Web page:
With a promising cast led by Emma Stone and Bradley Cooper, how could “Aloha” not succeed?
The romantic comedy chronicles washed-out veteran turned contractor Brian Gilcrest’s (Cooper) return to Hawaii. Amid helping billionaire Carson Welch (Bill Murray) with a satellite launch, the former soldier reconnects with ex-girlfriend Tracey (Rachel McAdams) and ultimately falls in love with the hard-charging Allison Ng (Stone).
The plot seems simple enough, but watching the film will leave you just as clueless as watching the trailer. The highly-anticipated film with starry leads and equally great supporting talent proves that a phenomenal cast can save the day….except when talking about “Aloha.”
“Aloha” lacks any of the chronological structure it so desperately needed. But hey, as a result, the audience is able to exercise its creative freedom. The viewer is able to fill in the many gaps with whatever anecdotes they want. Because that’s what every viewer looks for in a movie: to feel confused and bored and make up for it with their own imagination.
The characters also take everyone back to freshman orientation where you met a bunch of boring people and never remembered any of their names. Gilcrest could be named Royce Bobby-Bob Saffron and no one would know the difference.
Stone portrays a bi-racial character who is part Asian, part Hawaiian and part Swedish. Since Hollywood is never under fire for misrepresenting minorities, having a blonde haired, blue eyed white actress portray someone with Asian ancestry in an already 100 percent white cast was the right choice…
Honestly, Stone plays a banana: yellow on the outside, white on the inside.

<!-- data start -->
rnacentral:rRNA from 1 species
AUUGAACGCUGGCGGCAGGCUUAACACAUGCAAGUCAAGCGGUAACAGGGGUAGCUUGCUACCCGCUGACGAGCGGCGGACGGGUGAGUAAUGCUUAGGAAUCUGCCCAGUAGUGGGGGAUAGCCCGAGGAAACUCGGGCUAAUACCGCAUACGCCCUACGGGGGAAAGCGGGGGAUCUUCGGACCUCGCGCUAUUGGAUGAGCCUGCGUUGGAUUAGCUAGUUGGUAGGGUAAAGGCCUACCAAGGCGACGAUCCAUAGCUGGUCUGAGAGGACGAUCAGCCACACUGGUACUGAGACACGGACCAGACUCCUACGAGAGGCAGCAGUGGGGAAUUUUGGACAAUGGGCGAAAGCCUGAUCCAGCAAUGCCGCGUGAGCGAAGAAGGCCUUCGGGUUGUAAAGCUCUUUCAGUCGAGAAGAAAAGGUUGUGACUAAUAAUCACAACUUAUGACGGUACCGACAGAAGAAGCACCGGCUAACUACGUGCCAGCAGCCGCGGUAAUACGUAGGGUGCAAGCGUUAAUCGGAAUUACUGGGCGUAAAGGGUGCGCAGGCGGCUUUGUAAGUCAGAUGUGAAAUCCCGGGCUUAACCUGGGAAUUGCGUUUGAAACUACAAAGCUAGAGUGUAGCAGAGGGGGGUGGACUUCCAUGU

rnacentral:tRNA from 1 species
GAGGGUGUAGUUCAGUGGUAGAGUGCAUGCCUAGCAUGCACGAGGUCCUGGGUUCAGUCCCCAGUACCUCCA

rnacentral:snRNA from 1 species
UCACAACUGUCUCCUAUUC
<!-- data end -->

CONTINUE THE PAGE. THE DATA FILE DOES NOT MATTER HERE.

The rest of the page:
But “Aloha” is by no means the first film to have minority erasure. Jake Gyllenhaal played a Persian prince and Ben Kingsley played Gandhi in the ’80s. Angelina Jolie adopted the role of real-life person Mariane Pearl – a woman with Cuban and African ancestry, in “A Mighty Heart”. It’s everywhere and “Aloha” is the newest member of the whitewashing club.
With that said, Mashable reported that director Cameron Crowe recently issue an apology, saying Stone’s character is based on a “real-life red-headed local.”
The motion picture prides itself in making references to Hawaiian legends and myths, which is undoubtedly a redeeming quality…except that the audience probably can’t understand any of it. Unless you are an expert in all things Hawaii, the lack of explanation once again will allow you to substitute the confusions with whatever.
The cherry on top is that Crowe had all the puzzle pieces to create a substantial work of art. All he needed to do was follow the straight path in front of him. Instead he traded his cow for magic beans, except there weren’t magical. They were just beans.